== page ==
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An Incoming Speakeasy-Style Bar Will Pay Homage to Louisiana Cooking and Cocktails

Bourbon Street, from the family behind Nacheaux, will serve seafood boils and étouffée alongside Sazeracs and spiked watermelon lemonade in a passcode-required restaurant

A black bowl on a cold table in a kitchen is filled with etouffee, with a piece of fried catfish on top
Chef Anthony Brown’s étouffée, which comes topped with fried catfish. Bourbon Street will include a handful of specials spotted on Nacheaux’s menu, including beignets, po’boys, and other Cajun and Creole dishes.
Brooke Jackson-Glidden is the editor of Eater Portland.

When Nacheaux chef and owner Anthony Brown visited New Orleans for the first time, he went to the tourist staples — Cafe Du Monde, Commander’s Palace. It wasn’t until he visited with his wife, Nacheaux co-owner and Louisiana expat Stephanie Brown, that he got a real feel for the place. “I went to New Orleans twice before I met my wife — I’m not a huge partier, I went for the food — but when my wife brought me there, it was a completely different experience,” he says. “She’s a local, you get treated like family. You have a concern, a problem, you just want to chitchat, somebody there is going to give you that attention.”

Brown has family roots in Mexico City and Atlanta, from which he pulled much of his inspiration for the blockbuster Mexican-Southern mini-restaurant, Nacheaux. But while designing specials and building menus, Brown often found himself drifting out of Atlanta-Southern culinary style into Cajun-Creole traditions, smothering fries in étouffée and frying beignets for brunch. Stephanie, on the other hand, has been handling most of the child-rearing after giving birth in May. So in September, the two will open a new business as an ode to her roots: Bourbon Street, a “speakeasy-style” bar and restaurant, will specialize in Louisiana staples through Brown’s off-the-wall lens, with things like beignets, gumbo, seafood boils, and Sazeracs.

For those unfamiliar, Nacheaux started as a Southeast Portland food cart before moving into the Alameda Hop, a tiny food hall in the former Alameda Brewhouse space. Bourbon Street will be in a tiny room off of the main dining area, accessible only by a code interested parties can find via the restaurant’s incoming Instagram. Inside, customers will find a dining space with dark oak floors, a bar, and a hanging chandelier, in which they can order an array of quintessential Cajun-Creole dishes through Anthony Brown’s lens — the étouffée will be available as its own dish or as a poutine, for instance, though some dishes will be bona-fide Louisiana fare. That’s partially because Stephanie Brown loves the true-to-form Creole standbys, while Anthony tends to get a little experimental. “When I made gumbo and I put cilantro in it, she almost lost it,” he says. “You can’t put me in a box, (but) this is my gift to my wife — we’re going to do traditional things.”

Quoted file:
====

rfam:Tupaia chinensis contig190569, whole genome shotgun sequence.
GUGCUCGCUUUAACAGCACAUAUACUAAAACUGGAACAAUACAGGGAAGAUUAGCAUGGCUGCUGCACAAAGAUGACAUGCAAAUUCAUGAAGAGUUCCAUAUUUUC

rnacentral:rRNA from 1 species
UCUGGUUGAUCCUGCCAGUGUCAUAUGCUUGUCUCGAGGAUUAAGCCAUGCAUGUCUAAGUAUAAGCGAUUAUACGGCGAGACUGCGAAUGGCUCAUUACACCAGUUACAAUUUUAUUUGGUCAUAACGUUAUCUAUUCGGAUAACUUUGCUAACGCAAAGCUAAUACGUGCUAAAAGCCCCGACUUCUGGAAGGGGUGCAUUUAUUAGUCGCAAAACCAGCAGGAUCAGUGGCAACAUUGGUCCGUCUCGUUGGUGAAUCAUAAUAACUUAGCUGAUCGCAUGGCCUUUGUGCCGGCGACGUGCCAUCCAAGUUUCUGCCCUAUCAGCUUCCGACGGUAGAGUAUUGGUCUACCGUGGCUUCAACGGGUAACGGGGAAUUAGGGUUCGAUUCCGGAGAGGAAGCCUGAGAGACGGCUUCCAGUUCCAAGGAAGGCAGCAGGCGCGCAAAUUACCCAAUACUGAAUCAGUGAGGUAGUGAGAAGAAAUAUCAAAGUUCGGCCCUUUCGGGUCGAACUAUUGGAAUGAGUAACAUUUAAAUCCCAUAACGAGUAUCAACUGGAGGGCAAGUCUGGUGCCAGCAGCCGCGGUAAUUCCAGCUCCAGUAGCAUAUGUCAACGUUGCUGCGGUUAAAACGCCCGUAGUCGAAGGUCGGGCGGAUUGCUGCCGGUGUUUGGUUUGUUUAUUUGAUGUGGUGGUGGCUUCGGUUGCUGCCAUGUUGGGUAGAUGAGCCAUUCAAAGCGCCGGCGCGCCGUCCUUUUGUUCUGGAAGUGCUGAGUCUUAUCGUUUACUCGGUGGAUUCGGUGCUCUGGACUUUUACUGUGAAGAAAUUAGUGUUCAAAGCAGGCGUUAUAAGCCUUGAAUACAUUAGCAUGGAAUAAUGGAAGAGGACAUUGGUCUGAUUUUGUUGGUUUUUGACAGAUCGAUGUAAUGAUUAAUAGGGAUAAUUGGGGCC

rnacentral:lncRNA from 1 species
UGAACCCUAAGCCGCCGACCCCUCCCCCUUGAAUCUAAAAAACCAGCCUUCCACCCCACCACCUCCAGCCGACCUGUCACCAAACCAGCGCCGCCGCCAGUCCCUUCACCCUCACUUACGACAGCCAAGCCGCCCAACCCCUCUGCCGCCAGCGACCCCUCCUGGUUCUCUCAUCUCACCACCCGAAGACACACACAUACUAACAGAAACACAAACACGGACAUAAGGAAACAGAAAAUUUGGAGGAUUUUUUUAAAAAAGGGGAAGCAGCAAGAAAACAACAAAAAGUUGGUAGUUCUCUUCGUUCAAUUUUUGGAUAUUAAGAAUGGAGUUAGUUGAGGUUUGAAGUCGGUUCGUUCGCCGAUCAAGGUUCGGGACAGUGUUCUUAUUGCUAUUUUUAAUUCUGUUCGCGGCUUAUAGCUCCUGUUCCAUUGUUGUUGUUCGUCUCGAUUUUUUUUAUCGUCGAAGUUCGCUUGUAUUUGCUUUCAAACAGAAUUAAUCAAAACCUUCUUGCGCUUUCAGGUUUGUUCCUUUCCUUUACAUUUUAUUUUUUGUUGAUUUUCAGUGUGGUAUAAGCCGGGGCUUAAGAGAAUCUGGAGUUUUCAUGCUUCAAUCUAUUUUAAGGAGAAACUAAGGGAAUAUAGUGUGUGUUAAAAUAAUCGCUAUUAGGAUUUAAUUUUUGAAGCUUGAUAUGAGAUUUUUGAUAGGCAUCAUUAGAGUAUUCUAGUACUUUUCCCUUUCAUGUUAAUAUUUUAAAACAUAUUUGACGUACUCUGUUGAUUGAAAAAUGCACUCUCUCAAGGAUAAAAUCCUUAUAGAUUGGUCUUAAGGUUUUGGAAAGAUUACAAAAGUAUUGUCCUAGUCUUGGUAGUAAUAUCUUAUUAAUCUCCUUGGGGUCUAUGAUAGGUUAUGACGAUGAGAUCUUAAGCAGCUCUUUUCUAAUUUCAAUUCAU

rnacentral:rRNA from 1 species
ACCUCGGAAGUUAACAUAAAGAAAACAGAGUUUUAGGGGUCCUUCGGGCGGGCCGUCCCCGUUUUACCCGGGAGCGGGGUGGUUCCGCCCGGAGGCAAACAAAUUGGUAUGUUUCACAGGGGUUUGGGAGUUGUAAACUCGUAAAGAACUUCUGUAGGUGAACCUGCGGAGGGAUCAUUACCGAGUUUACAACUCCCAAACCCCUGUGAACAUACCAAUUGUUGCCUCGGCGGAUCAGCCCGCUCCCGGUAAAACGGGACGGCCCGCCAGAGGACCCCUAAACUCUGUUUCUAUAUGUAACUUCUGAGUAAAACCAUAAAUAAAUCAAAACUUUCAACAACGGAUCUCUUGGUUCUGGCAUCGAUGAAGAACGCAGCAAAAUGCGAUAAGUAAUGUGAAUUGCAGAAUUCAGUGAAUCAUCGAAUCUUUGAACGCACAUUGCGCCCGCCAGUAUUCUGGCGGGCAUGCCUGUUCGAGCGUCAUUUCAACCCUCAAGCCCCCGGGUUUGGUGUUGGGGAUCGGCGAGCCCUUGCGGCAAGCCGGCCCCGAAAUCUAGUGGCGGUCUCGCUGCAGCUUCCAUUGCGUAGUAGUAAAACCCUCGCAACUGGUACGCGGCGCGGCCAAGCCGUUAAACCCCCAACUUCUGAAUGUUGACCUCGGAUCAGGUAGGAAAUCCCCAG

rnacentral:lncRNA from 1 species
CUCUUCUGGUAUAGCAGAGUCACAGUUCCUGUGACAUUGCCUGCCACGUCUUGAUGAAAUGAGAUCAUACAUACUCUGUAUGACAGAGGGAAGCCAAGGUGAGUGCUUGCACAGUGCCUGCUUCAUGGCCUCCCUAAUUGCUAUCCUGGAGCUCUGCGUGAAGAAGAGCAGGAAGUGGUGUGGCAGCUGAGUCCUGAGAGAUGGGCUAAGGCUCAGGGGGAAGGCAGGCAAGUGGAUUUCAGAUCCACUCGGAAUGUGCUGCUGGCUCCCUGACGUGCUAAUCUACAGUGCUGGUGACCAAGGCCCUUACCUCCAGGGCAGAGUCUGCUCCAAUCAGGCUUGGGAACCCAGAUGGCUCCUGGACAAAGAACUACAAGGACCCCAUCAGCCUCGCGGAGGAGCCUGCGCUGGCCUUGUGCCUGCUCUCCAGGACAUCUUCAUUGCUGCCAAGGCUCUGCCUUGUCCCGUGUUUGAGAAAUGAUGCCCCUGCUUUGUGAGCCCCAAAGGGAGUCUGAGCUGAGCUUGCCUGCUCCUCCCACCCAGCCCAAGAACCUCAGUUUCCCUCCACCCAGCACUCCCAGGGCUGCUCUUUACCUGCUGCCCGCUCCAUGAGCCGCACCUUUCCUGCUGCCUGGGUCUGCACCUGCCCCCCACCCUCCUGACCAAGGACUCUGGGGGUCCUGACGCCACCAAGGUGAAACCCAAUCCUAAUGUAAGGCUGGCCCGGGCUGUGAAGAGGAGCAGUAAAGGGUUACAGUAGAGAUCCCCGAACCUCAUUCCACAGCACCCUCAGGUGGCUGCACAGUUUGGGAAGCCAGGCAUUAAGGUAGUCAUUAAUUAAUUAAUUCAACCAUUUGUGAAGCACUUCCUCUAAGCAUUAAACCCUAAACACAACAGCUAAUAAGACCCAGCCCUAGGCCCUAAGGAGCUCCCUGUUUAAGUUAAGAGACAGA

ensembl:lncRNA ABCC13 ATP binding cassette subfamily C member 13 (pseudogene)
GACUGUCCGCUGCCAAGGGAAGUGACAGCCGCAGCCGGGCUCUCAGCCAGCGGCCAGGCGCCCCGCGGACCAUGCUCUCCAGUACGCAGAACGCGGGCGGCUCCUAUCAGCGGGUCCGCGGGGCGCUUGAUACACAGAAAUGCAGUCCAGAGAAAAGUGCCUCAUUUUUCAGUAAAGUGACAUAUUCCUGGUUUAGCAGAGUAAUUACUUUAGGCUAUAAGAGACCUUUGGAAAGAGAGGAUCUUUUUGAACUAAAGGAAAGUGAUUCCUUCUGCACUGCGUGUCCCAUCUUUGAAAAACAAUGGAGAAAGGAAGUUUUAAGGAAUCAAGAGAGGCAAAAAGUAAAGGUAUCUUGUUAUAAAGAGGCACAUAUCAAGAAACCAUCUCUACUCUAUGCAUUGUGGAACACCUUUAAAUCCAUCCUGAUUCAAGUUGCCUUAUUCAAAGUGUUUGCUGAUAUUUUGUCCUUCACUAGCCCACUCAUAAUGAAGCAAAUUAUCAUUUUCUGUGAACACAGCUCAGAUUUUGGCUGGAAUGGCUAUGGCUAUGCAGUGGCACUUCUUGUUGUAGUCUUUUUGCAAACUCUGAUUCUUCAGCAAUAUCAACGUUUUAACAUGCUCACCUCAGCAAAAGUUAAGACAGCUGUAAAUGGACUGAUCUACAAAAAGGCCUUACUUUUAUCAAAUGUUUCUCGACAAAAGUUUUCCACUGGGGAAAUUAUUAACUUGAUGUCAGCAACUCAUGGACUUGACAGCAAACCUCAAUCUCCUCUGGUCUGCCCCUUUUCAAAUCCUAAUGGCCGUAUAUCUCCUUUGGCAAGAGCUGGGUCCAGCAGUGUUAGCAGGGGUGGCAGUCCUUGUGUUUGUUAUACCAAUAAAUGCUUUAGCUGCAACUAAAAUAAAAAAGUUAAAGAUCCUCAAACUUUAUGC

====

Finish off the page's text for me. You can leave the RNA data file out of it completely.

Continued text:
Beyond the food, Anthony Brown is particularly excited about Bourbon Street’s bar. Before opening Nacheaux, he had never worked as a chef — he was a bartender, primarily, shaking and stirring at places like Screen Door. But while the bar will have those New Orleans classics that appear at many Southern restaurants — Sazeracs, French Quarters, gin fizzes — the cocktail menu will be very specific to Bourbon Street alone. For example, the restaurant will serve a spiked watermelon lemonade with pickled watermelon rind and a dehydrated watermelon rim, as well as a cocktail-ified version of elote with clarified corn-infused bourbon. “I don’t want my identity to be lumped into this place I worked; it takes away from my creativity,” he says. “The ingredients will be different, the garnishes will be different.” The bar will also serve tiki standards like hurricanes, and non-alcoholic options like sun teas and lemonades.

Bourbon Street will be closed on Mondays and Tuesdays, but during that period, the space will be set aside for pop-ups, from seafood boils to hand-made pasta nights. It’s another opportunity for Anthony and his sous-chef, Jackson Hallenburg, to explore other cuisines and play with new ideas. “(Hallenburg) kind of elevates my homestyle cooking,” he says. “The pop-ups give us an opportunity to dabble in the kind of culinary experiences that we don’t have to be tied to with Nacheaux and Bourbon Street. It’s a multifaceted kind of place.”

Bourbon Street will open at 4765 NE Fremont Street, Suite B, in September.

Nacheaux [Official]
Nacheaux [Instagram]
Breakout Food Cart Star Nacheaux Will Soon Open a Restaurant [EPDX]